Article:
5) Know why Breastfeeding is awesome
We’ve already established that you are planning to breastfeed, because its better for the baby right, the natural thing to do and all that, but do you know why?
In the final installment in this series on five things you need to know about breastfeeding before your baby arrives we look at probably the most important thing, actually understanding why breastfeeding is important for your baby and for you. It seems like a no brainer but even long-time nursers can get spun out when they find out some of the amazing facts about breast milk, its qualities and how it benefits your baby.
No pro-breastfeeding organisation today would use the slogan ‘Breast is Best’ but formula companies do. Why is that? It is because everyone knows that human breast milk is constitutionally better for the great majority of human babies, the science is in and there is no dispute. Formula companies like to use the slogan ‘breast is best’ because it gives the subtlest clause, ‘formula is almost as good’. Don’t get me wrong, I have no ill feelings towards formula or mums who use it to feed their babies and thank god we have access to it and clean drinking water!
There are so many amazing things about breast milk and breastfeeding which can’t be replicated and it can be helpful to know some of the real benefits of breast milk and breastfeeding so your desire to breastfeed your baby isn’t just because it seems like the right thing to do. If you find yourself exhausted, sore and fed up hearing that breastfeeding is ‘biologically the norm’ isn’t going to get you through the dark night. If you do know some of the benefits but still decide that switching to formula is the best thing for you and your baby than at least you do so with your eyes wide open and you will be less likely to regret that move later on or join the ‘I thought, I couldn’t breastfeed so now I’m going to hate on anything that promotes breastfeeding or makes me feel guilty because I didn’t know’ club. Rant over ladies, phew!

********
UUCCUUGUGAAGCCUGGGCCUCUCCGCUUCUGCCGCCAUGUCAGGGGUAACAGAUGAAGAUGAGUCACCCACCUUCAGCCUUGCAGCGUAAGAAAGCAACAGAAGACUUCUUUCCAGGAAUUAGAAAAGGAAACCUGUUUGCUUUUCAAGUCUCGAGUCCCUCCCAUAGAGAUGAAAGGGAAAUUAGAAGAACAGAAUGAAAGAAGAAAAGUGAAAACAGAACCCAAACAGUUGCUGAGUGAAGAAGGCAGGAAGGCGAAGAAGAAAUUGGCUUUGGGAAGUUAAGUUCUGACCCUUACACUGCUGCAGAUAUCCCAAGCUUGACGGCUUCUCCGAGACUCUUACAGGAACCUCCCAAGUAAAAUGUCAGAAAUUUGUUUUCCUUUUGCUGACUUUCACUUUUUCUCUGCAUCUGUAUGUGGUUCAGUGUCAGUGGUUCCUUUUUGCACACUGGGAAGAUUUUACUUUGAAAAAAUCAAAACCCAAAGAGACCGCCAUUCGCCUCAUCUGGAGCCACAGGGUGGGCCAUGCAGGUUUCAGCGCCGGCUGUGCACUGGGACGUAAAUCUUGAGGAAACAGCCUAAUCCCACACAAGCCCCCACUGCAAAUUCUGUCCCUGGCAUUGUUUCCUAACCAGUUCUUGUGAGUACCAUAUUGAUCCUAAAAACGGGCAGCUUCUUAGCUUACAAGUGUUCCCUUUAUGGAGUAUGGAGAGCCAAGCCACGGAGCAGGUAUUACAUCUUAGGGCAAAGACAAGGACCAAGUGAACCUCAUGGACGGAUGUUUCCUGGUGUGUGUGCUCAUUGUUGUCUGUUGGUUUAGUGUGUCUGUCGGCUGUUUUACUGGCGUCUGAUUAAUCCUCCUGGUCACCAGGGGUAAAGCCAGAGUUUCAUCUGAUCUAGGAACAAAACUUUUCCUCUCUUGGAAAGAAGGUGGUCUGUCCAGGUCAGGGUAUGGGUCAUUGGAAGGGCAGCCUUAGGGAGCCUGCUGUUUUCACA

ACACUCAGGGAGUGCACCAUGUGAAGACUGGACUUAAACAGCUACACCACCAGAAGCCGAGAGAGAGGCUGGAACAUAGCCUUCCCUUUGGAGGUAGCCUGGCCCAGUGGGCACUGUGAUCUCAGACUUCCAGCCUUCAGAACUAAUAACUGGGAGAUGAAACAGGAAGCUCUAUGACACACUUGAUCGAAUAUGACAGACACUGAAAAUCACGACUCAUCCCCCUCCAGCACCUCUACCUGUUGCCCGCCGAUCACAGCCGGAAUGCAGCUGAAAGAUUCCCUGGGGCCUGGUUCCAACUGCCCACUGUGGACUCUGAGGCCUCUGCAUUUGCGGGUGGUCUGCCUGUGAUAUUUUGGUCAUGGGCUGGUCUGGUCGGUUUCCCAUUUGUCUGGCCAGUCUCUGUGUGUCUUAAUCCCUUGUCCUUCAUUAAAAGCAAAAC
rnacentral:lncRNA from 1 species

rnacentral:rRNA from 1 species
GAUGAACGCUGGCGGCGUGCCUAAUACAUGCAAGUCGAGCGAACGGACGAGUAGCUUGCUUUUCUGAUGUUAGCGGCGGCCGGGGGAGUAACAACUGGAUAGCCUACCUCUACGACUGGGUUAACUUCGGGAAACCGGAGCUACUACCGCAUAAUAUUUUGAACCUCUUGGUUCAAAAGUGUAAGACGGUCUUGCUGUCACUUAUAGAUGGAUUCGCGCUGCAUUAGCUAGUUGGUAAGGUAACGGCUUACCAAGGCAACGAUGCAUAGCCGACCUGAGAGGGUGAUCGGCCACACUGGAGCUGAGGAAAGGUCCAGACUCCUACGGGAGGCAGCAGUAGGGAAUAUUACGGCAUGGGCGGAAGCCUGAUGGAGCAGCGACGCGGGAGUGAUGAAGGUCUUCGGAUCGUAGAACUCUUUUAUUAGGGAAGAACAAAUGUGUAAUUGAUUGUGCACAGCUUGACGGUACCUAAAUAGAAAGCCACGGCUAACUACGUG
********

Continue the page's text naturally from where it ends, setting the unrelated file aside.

I’m not anti-formula feeding, I’m just anti-ignorance. Don’t ever feel guilty because you did what you had to do at the time to ensure your own mental health and stability or the health of your baby. Your baby needs you more than anything else in the world and they don’t really care what you feed them. But if you want to know the low-down on the good stuff then here is it……
I could write a 10 page blog post just on why breast milk is great but to paraphrase I’d say the most impressive thing about breast milk for me is the immunoglobulin which gets passed from Mum to bub which is basically like a little mini vaccine so every time you feed your baby breast milk you are also topping them up with antibodies to whatever bugs are floating around in your environment, you can find out more about this here.
Several studies show that there is a reduced rate of breast cancer in women who have breastfeed and the oxytocin which is released each time you breastfeed your baby not only helps your uterus to contract back to pre-baby size in the early days but also helps you bond with your new baby and feel awesome (highly recommend for mums with PND). There are lots of studies around which show that breastfed babies suffer less infection, lower rates of diabetes and obesity and have a higher IQ, it is also a major factor which can reduce a baby’s chance of dying from sudden infant death syndrome. Lastly the composition of breast milk subtly changes to meet the changing needs of the infant at different stages in their life, it is always at the right temperature and when you are out and about it is a lot easier to sling out a boob on occasion rather than hauling bottles, tins and whatever else once you get the hang of it. I wrote lastly there but actually I could go on and on but there is plenty of information our there if you are interested to learn more, in fact if you have a link to a fascinating article about breastfeeding please put it in the comments section for other 'mum's to be' to check out.
Hello, my name is Celeste. I am a postnatal doula, a breastfeeding counselor and a mother.